Woman Wise

FIBROCYSTIC BREAST DISEASE

Fibrocystic breast disease (FBD), also know as cystic mastitis or benign breast lumps, is a mildly uncomfortable to severely painful swelling of the breasts. It affects up to 40% of premenopausal women and in about a third of these cases, the changes become a clinical problem due to pain and cyst formation.(1) Some studies indicate there is an increase in breast cancer risk with certain types of fibrous breast cysts.(2)

There are two major types of cyst formation. Fibrosis of connective tissue and hyperplasia, or overgrowth, of the epithelial cells lining the milk ducts. Only the epithelial hyperplasia cases are at risk for cancer.

Current scientific thought believes fibrocystic disease develops in those women whose estrogen secretion is dominant over their progesterone secretion. This is why the swelling coincides with your menstrual cycle. These effects may be due to increased levels of the hormone prolactin, which is secreted by the pituitary.(3),(4)

This disease progresses very slowly, with only a tenderness evident in your 20's and 30's. In your early 40's hard nodules and small cysts develop. This is the time when the risk of developing breast cancer is at its greatest. With breast cancer statistics remaining grim, you need to prevent this progression as early as possible.

First, when choosing contraceptive methods, be aware of the level of estrogen if using the contraceptive pill.(5) Next, a healthy liver will destroy 80% of the excess estrogen by converting it to estriol.(5) So make sure you treat your liver well. (See the last issue of CC.)

Obesity also predisposes a woman to breast lumps. Excess estrogen promotes weight gain, the fat cells then produce more estrogen, and off you go on the merry-go-round. So, control your weight.

There is strong evidence supporting an association between consumption of caffeine, theophylline and theobromine which is found in coffee, tea, cola, chocolate and caffeinated medications. Caffeine, theophylline and theobromine are all known to stimulate overproduction of cells, such as fibrous tissue and cyst fluid.(6),(7),(8)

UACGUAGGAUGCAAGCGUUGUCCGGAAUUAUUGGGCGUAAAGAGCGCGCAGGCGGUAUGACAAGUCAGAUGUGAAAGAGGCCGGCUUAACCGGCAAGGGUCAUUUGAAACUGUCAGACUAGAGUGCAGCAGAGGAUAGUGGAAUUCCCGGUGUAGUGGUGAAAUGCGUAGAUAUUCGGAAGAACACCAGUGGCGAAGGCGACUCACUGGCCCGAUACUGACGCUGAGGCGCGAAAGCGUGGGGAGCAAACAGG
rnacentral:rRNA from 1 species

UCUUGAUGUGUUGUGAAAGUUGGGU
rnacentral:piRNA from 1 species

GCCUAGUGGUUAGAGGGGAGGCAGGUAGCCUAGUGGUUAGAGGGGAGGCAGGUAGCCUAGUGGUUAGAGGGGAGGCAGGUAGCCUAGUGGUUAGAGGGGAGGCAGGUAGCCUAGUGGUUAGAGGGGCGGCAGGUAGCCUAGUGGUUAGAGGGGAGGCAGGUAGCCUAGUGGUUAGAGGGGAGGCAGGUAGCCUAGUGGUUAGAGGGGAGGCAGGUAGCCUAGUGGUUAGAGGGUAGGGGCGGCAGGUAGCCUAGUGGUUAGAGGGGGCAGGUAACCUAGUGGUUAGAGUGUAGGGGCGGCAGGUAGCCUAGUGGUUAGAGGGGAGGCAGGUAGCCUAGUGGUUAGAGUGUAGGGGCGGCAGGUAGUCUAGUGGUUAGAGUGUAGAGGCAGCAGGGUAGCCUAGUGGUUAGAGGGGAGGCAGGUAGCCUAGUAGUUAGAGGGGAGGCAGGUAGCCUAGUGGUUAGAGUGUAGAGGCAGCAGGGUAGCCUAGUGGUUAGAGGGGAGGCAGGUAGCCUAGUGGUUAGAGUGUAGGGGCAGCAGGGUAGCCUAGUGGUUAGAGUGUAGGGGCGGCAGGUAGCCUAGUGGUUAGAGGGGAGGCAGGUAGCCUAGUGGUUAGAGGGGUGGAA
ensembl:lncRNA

Supplementation with vitamin E is beneficial. Studies have shown that vitamin E will reduce cyst size by apparently returning hormone levels to normal.(9),(10),(11) At the Institute we recommend between 800 and 1200 i.u. total of vitamin E daily as part of your normal supplement regimen. Supplementation with mixed flavonoids(12) and mixed carotenoids would also be helpful. (See the article in this issue on carotenoids.) The use of organic flax seed oil is also beneficial.(13)

Remember, before beginning any supplement program, consult your health-care practitioner.

Vorherr H. Amer J Obstet Gynecol, 1986;15:171.
Love SM, Gelman RS. New Engl J Med, 1982;307:1010.
Cole EN, et al. Serum prolactin concentrations in benign breast disease throughout the menstrual cycle. J Cancer, 1977;13:597-603.
Peters F, et al. Serum prolactin levels in patients with fibrocystic breast disease. Obstet Gynecol, 1984;64:381-385.
Colgan M. Hormonal Health. Vancouver: Apple Publishing, 1996.
Minton JP, et al. Clinical and biochemical studies on methylxanthine-related fibrocystic breast disease. Surgery, 19981;90:229-304.
Minton JP, et al. Caffeine, cyclic nucleotides, and breast disease. Surgery, 1979;86:105-109.
Ernster VL, et al. Effects of caffeine-free diet on benign breast disease: a random trial. Surgery, 1982;91:263-267.
London RS, et al. Endocrine parameters and alpha-tocopherol therapy of patients with mammary dysplasia. Cancer Res, 1981;41:3811-3813.
Sundaram GS, et al. Serum hormones and lipoproteins in benign breast disease. Cancer Res, 1981;41:3814-3816.
Abrams AA. Use of vitamin E in chronic cystic mastitis. New Engl J Med, 1965;272:1080-1081.
Colgan M, Colgan L. The Flavonoid Revolution. Vancouver: Apple Publishing, 1997.
Pye JK, et al. Clinical experience of drug treatments for mastalgia. Lancet, 1985;2: 373-377.

Colgan Chronicles.

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